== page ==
|Publication number||US7181507 B1|
|Application number||US 09/618,516|
|Publication date||Feb 20, 2007|
|Filing date||Jul 18, 2000|
|Priority date||Jul 18, 2000|
|Publication number||09618516, 618516, US 7181507 B1, US 7181507B1, US-B1-7181507, US7181507 B1, US7181507B1|
|Inventors||Gary E. Lavelle, James Yuan|
|Original Assignee||Harrow Products Llc|
|Export Citation||BiBTeX, EndNote, RefMan|
|Patent Citations (23), Non-Patent Citations (6), Referenced by (20), Classifications (12), Legal Events (6)|
|External Links: USPTO, USPTO Assignment, Espacenet|
The present invention relates generally to networks for managing operations of a system and, more particularly, the present invention relates to network management systems for managing access control systems.
Currently, access point management systems (APMS) typically include a desktop computer having a database for managing various access points such as a door or a locker. The administrator or operator logs onto the desktop computer and performs management functions such as assigning a user's access credentials, for example, card identification or access codes, grouping users access privilege with a respective access point and scheduling timed events such as a specific time interval during which access points may be in an accessible or in a lockout condition. For the stand-alone type of computer managed opening the operator uses a portable device, e.g. a palm top computer, to download the access information from the desktop computer and travels to the specific access point to download the data to a controller. The portable device may also retrieve data from the access point for uploading back to the desktop computer. In the situation where the access point is online, such as in the case of a network based computer managed opening, the access information can be exchanged with the controller of the access point without movement by the operator. In particular, the controller may be electronically connected to the desktop computer whereby operators may instantaneously modify operation of the access point without downloading or traveling to the access point.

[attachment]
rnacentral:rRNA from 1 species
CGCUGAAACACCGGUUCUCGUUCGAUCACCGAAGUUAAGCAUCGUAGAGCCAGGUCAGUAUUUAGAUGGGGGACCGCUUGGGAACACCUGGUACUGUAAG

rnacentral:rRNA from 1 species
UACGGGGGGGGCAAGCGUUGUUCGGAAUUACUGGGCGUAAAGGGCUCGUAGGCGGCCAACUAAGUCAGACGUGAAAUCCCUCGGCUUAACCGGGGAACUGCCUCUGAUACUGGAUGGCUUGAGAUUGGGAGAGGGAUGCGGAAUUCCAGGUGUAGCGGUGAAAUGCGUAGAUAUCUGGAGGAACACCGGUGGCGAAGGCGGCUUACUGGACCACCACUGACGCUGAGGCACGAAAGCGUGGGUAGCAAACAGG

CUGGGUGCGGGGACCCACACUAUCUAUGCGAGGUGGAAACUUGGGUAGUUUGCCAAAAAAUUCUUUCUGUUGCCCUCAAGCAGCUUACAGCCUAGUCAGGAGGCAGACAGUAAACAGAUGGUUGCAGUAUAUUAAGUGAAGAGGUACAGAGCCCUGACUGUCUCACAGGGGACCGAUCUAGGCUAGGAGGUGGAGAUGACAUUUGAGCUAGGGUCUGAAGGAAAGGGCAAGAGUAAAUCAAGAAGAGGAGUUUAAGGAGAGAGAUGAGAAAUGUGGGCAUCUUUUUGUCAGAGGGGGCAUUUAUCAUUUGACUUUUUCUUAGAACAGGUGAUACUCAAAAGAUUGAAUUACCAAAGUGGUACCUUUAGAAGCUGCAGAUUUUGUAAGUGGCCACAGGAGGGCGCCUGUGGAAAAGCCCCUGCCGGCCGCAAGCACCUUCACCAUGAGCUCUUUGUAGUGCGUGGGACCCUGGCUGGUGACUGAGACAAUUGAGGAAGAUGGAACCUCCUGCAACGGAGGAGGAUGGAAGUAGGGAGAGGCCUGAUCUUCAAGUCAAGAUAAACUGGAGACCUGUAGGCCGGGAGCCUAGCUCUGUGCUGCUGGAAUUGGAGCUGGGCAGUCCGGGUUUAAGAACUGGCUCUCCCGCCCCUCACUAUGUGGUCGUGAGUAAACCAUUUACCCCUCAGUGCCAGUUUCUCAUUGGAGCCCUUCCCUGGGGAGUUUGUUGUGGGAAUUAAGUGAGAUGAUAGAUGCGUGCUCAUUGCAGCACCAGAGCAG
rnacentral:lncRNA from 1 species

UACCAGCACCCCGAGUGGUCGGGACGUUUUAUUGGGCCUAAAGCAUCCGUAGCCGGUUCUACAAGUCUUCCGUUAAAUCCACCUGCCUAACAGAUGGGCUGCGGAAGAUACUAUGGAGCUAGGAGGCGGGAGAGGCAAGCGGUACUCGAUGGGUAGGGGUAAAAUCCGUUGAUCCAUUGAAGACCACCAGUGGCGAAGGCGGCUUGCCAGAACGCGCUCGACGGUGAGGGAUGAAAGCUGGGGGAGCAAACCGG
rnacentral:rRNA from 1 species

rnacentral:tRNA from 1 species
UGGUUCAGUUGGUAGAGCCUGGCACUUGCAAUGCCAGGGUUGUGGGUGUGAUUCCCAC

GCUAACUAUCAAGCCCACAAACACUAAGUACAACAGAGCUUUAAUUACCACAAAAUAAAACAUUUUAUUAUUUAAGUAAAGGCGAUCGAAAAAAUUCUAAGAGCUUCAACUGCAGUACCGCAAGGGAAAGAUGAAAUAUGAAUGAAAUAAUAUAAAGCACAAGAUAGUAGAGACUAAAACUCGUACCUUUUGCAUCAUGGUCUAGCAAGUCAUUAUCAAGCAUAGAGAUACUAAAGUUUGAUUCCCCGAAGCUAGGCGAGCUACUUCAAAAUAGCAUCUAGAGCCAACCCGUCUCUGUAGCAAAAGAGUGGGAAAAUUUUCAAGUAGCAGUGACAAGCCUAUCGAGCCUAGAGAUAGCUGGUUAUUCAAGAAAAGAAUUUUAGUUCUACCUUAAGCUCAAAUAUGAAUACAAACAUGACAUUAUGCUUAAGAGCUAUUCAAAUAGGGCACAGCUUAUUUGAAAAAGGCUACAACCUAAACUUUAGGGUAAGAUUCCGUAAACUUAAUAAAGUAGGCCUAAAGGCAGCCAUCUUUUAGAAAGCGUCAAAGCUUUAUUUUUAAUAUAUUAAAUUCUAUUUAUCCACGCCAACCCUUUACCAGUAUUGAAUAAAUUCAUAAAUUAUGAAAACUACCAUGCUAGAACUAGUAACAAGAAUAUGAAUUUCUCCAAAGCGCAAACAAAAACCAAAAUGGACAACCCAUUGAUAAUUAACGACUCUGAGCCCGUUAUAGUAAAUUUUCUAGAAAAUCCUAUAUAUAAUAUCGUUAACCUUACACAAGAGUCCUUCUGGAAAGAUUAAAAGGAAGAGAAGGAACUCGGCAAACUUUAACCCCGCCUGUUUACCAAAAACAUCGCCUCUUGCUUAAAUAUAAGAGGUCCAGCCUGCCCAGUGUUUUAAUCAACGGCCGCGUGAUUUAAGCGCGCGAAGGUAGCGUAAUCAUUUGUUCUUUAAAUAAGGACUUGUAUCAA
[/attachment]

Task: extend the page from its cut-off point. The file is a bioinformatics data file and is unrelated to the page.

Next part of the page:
A problem arises in that one or more administrators that are highly trained and experienced with computer hardware and software are required to handle and support each site. This is particularly so where the site is as large as a school or a university each of which typically has a relatively complex security system. For example, the facilities of a university may be spread across a number of buildings, each of which may include laboratories, cabinets and storage structures disposed therein to which various individuals may be authorized access on a specified basis. Accordingly sophisticated authorization systems may be required, for example, to grant general access to various groups of individuals or specific access to particular individuals themselves.
Each of the access points may include one or more locking devices, such as, for example, an electronic lock control mechanism which is integrated with a lock set of a door as described in U.S. Pat. No. 5,640,863 to Frolov issued Jun. 24, 1997, assigned to the present assignee hereof and entitled “Clutch Mechanism for Door Lock System”. Another suitable example, is described in U.S. patent application Ser. No. 09/495,497 filed on Feb. 1, 2000 and entitled “Anti-jam Locking Mechanism for Electronic Security System also assigned to the present assignee hereof. The entire contents of both references are hereby incorporated herein by reference.
Since the administrator has total control and responsibility of the data base management and maintenance, relatively large resources in terms of training, knowledge and experience are required to maintain these security systems. In addition, hardware upgrade and software changes may cause compatibility problems for the administrator. In addition, periodical data base maintenance including integrity checks and backups must be undertaken on an ongoing basis. Accordingly, the combined direct and indirect administrative and maintenance cost of these activities may be significant especially when one adds the cost associated with a number of facilities.